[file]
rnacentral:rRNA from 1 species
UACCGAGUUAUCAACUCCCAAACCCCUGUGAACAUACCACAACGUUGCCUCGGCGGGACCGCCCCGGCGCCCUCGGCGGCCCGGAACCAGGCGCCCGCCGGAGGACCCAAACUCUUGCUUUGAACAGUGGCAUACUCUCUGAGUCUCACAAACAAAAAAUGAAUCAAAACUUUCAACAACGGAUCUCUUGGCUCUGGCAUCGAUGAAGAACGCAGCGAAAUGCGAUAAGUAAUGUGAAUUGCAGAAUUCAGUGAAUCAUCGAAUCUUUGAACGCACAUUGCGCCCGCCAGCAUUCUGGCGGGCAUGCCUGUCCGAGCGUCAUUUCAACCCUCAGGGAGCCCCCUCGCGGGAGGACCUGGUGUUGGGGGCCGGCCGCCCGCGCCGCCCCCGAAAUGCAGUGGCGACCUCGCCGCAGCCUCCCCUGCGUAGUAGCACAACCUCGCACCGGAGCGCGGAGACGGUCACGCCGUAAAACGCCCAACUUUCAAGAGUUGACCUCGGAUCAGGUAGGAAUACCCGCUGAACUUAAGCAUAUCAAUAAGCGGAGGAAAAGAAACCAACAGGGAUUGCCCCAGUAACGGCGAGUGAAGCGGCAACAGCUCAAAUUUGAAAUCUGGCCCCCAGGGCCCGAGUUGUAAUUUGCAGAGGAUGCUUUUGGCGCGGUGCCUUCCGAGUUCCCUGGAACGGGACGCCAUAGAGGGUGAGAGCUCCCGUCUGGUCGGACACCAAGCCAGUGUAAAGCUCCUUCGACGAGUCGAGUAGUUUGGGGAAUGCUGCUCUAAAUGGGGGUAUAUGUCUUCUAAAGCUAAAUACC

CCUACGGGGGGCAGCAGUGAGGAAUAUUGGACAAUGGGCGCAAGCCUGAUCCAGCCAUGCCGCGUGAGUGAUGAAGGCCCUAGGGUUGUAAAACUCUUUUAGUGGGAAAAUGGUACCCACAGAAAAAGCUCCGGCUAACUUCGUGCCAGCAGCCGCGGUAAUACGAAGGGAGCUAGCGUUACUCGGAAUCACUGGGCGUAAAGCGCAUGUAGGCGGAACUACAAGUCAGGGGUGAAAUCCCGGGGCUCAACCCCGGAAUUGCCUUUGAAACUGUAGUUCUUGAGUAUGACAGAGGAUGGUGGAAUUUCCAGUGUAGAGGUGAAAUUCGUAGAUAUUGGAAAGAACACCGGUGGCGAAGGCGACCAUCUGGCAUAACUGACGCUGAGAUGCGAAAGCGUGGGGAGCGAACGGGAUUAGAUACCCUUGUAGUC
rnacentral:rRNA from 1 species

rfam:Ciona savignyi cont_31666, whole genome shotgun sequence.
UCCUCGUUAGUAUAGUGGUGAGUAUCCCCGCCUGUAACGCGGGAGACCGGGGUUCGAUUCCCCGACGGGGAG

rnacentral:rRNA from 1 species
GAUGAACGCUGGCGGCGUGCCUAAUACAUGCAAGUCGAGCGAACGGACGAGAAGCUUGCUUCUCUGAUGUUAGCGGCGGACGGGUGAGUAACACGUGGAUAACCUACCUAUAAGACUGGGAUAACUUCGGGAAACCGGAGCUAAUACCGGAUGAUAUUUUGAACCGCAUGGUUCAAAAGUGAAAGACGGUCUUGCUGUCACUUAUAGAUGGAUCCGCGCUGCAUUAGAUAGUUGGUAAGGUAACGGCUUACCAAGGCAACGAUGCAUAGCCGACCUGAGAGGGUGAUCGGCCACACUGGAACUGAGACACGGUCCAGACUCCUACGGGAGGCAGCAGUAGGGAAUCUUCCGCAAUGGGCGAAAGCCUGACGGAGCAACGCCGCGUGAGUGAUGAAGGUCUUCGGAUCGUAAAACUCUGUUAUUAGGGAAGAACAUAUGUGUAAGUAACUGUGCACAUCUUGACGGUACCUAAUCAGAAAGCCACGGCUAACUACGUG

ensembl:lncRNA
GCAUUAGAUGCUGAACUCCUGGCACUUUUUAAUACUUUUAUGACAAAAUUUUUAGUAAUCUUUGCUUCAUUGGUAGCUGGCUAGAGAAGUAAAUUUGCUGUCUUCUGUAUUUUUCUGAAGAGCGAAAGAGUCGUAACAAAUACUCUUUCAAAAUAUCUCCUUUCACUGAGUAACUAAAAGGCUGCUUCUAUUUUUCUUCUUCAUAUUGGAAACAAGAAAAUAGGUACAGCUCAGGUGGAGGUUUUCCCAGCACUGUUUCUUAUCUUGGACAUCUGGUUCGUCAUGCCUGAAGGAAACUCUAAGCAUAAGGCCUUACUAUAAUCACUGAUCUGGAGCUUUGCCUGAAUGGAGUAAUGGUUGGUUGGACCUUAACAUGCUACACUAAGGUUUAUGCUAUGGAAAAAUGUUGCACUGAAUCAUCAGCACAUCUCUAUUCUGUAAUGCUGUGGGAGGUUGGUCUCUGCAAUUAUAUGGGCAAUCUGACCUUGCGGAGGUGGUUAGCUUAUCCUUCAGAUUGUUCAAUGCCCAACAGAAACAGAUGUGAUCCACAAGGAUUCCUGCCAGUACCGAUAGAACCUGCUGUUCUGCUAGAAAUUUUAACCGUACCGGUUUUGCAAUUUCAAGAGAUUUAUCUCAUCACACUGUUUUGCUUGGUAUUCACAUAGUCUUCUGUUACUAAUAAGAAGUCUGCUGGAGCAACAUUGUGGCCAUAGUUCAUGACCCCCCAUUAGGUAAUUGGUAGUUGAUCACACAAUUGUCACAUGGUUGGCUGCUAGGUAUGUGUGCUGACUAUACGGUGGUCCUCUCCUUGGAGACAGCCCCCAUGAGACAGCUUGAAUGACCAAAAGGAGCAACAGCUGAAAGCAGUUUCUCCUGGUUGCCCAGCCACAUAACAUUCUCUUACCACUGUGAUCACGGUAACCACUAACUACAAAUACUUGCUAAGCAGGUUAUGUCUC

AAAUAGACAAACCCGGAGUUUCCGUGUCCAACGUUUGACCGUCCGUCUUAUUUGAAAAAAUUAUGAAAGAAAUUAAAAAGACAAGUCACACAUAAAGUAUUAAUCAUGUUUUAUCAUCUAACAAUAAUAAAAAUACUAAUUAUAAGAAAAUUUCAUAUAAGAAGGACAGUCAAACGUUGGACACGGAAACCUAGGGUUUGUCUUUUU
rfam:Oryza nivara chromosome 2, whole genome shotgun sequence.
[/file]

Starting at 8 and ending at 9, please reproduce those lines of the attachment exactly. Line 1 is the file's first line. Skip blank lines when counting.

GAUGAACGCUGGCGGCGUGCCUAAUACAUGCAAGUCGAGCGAACGGACGAGAAGCUUGCUUCUCUGAUGUUAGCGGCGGACGGGUGAGUAACACGUGGAUAACCUACCUAUAAGACUGGGAUAACUUCGGGAAACCGGAGCUAAUACCGGAUGAUAUUUUGAACCGCAUGGUUCAAAAGUGAAAGACGGUCUUGCUGUCACUUAUAGAUGGAUCCGCGCUGCAUUAGAUAGUUGGUAAGGUAACGGCUUACCAAGGCAACGAUGCAUAGCCGACCUGAGAGGGUGAUCGGCCACACUGGAACUGAGACACGGUCCAGACUCCUACGGGAGGCAGCAGUAGGGAAUCUUCCGCAAUGGGCGAAAGCCUGACGGAGCAACGCCGCGUGAGUGAUGAAGGUCUUCGGAUCGUAAAACUCUGUUAUUAGGGAAGAACAUAUGUGUAAGUAACUGUGCACAUCUUGACGGUACCUAAUCAGAAAGCCACGGCUAACUACGUG

ensembl:lncRNA